From John Main OSB, "Redemptive Love," THE WAY OF UNKNOWING (New York: Crossroad, 1990), pp. 124-126.
St Paul speaks frequently of the evolving maturity of Christians.
The call to prayer, the call to meditation is precisely a call to grow up, to leave the ego-centered irresponsibility of childishness behind and to become ourselves by finding ourselves beyond ourselves in union with the All. Again,understand that this requires a personal response, not just an agreeing nod, from each of us. This invitation is to see with our own eyes, to hear with our own ears and to love with our own hearts, but also to do this in union with him who is Love. Now, in practice this requires of each of us to go beyond all our personal, historical dividedness. All the dividedness within ourselves must be transcended.
All the barriers that separate us from our true selves and from others and from God must be dismantled. And that means leaving all our images behind. Images that we have of ourselves, the images that we have of others and the images that we have of God. The Christian vision requires us to be open to God at an imageless depth, and it is in openness there that all the false dichotomies are resolves in union, in oneness. In other words, the call is for us all together to return to a fundamental simplicity. The call of deep prayer is no less that the call to be, to be yourself, to be in love, in trust, in openness to what is. And it is almost meaningless to say that God is Love until we know it for ourselves, through an experience of our being in the being of God. [. . . .]
Love alone has the power to redeem and absolute love redeems absolutely. Now as we know, this power to know and to love is to be found in our own hearts. And this is our pilgrimage, to our own hearts. The only thing necessary is that we seek this love with supreme seriousness, with generosity and with faithfulness. That we make that time available, every day of our lives, every morning and every evening in the quiet, in the hidden quiet of our own home, going to our own place of meditation to be silent; and there to enter into the eternal reality of God, a reality that is to be found in our own heart. This is the only pilgrimage that is necessary. On it we find love, beyond all compromise, beyond all fear, beyond all timidity.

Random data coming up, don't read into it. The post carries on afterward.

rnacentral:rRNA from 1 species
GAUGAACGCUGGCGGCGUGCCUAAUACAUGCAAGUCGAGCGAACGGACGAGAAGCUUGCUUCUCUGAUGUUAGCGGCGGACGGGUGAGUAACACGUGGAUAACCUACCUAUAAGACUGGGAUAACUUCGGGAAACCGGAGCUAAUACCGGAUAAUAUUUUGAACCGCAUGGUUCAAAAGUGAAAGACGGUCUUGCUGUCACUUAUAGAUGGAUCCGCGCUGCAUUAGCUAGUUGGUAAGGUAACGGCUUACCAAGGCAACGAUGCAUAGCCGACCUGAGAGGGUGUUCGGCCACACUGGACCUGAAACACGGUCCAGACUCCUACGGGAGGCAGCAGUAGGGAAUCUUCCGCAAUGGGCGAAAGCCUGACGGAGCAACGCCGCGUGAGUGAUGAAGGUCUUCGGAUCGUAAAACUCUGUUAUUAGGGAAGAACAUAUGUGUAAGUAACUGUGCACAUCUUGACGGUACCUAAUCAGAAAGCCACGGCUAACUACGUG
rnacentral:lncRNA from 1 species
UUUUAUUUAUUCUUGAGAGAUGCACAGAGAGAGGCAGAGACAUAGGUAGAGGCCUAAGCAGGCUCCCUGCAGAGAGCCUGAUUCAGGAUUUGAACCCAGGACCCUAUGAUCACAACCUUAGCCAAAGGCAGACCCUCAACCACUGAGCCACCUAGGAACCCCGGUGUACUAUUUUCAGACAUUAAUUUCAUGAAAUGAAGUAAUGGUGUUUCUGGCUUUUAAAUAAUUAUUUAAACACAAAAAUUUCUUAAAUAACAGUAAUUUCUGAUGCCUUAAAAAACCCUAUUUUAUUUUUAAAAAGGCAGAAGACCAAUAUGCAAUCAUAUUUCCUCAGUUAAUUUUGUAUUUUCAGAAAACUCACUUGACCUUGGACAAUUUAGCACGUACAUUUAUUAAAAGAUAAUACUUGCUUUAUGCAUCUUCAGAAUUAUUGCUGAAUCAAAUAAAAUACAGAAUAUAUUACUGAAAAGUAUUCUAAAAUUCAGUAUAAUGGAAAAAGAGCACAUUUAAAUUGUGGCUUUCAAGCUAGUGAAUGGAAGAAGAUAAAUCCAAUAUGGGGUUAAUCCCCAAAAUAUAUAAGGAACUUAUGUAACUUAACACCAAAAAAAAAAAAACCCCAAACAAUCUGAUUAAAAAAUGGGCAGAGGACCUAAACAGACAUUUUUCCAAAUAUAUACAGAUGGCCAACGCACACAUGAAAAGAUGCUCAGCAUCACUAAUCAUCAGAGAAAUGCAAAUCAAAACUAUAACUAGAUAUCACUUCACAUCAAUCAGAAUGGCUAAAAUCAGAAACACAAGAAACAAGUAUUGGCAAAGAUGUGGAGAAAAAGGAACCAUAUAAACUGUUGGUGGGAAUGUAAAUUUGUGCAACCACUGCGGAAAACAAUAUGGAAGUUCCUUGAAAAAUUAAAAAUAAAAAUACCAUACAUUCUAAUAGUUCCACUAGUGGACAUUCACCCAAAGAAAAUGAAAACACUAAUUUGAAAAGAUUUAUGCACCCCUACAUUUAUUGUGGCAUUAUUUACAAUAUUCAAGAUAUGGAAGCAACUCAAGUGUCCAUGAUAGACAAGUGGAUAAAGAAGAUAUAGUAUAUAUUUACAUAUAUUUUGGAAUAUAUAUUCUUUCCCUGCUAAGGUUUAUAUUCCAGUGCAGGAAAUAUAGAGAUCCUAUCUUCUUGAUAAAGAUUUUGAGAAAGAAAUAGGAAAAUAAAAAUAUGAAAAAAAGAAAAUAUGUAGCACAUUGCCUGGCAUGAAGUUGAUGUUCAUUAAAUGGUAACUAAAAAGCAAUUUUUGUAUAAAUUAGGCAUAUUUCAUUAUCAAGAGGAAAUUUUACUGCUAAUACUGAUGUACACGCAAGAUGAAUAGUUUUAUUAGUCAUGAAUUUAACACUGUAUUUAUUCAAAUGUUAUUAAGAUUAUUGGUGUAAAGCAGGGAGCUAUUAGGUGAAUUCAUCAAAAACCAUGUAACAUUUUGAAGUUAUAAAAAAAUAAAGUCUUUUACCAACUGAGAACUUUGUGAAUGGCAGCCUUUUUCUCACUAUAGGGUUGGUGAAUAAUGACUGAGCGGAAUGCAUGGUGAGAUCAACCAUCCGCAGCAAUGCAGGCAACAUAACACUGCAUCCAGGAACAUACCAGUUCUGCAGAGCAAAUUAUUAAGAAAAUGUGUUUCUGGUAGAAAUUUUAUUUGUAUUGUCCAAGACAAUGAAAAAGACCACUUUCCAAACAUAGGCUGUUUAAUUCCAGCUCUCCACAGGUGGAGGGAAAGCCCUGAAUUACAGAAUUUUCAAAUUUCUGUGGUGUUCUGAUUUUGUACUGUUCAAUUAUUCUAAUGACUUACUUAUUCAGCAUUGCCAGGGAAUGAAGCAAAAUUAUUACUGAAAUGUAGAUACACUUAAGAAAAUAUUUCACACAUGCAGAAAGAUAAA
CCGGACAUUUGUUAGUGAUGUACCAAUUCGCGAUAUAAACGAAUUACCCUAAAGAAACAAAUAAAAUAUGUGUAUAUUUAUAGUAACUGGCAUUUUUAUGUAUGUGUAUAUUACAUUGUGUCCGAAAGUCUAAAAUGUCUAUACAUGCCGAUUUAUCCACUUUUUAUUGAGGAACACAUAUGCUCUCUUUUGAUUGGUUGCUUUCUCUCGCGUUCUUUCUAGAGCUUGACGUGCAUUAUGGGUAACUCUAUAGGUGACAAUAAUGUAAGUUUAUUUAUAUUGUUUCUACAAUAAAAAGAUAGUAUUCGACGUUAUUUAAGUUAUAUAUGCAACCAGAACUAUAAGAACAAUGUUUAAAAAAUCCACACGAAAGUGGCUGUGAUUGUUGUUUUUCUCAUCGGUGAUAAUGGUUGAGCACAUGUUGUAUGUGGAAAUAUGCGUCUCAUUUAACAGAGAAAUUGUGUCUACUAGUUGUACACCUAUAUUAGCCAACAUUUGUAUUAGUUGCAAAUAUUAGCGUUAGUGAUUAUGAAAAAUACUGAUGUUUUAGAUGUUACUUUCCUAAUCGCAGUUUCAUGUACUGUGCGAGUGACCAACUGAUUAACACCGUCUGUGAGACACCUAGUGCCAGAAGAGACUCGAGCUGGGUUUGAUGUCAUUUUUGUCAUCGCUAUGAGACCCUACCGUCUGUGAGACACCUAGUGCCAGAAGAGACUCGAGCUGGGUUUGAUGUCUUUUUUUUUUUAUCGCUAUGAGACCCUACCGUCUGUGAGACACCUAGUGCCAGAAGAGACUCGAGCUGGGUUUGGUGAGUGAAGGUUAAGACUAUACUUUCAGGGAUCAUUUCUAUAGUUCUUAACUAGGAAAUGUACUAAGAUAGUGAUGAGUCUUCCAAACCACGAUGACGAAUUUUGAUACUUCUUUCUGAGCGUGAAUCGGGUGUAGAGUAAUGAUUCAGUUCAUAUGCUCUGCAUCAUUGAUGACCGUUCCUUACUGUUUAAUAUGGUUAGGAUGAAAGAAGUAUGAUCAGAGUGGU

Let me remind you again because it is such a precious thing to know, that what we have to learn is the selflessness of saying the mantra. The selflessness of saying it from the beginning to the end of our meditation complements the selflessness required to get up that little bit earlier in the morning . . .To be generous enough to seek the one thing that is necessary. In that very act of seeking we discover the unity of which we are part, a unity of all in all.
After meditation: from Willigis Jager, SEARCH FOR THE MEANING OF LIFE (Liguori: Triumph, 1996), pp. 81-82, 92, 264.
Contemplation . . .is possible only when reason, memory, and will have come to rest. . . Something happens to the person at prayer. No cognitive contents are accepted; religious images, vision, inner speeches, and pious thoughts are left behind. . . Contemplation is pure gazing. Something happens to the pray-er. It is an awakening to one's true divine essence.
[The] mantra captures the infinite in the finite. . . .it has nothing hypnotic about it, no power of its own. Rather it strengthens the forces that are already present within us. It connects us with something that is there to begin with.
The Divine sleeps in every person like a seed. Just as the seed developed in the human Jesus Christ, so it is designed to awaken and enfold in every person. Jesus Christ was completely transparent, God shone through him, lit him up. The same thing has to happen with us too.
Carla Cooper - firstname.lastname@example.org